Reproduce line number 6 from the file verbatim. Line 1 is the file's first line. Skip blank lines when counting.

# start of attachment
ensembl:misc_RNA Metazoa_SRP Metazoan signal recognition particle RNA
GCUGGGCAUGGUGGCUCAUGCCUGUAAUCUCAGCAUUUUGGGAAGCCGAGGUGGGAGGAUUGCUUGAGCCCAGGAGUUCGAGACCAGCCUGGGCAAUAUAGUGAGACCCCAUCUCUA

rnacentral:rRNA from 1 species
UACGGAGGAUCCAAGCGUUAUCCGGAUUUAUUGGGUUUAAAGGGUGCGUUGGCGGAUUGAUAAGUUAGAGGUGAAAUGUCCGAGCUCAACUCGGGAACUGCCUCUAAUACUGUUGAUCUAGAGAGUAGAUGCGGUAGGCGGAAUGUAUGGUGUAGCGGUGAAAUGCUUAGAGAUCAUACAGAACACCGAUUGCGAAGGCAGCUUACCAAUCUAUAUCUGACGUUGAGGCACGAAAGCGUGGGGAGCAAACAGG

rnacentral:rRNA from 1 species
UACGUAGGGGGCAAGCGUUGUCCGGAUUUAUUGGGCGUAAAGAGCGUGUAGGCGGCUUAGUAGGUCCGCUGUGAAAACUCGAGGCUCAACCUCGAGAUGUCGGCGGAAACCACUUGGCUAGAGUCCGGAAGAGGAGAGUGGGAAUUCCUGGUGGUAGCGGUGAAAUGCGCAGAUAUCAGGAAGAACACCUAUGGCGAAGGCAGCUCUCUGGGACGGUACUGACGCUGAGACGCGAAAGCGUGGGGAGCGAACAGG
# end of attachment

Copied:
UACGUAGGGGGCAAGCGUUGUCCGGAUUUAUUGGGCGUAAAGAGCGUGUAGGCGGCUUAGUAGGUCCGCUGUGAAAACUCGAGGCUCAACCUCGAGAUGUCGGCGGAAACCACUUGGCUAGAGUCCGGAAGAGGAGAGUGGGAAUUCCUGGUGGUAGCGGUGAAAUGCGCAGAUAUCAGGAAGAACACCUAUGGCGAAGGCAGCUCUCUGGGACGGUACUGACGCUGAGACGCGAAAGCGUGGGGAGCGAACAGG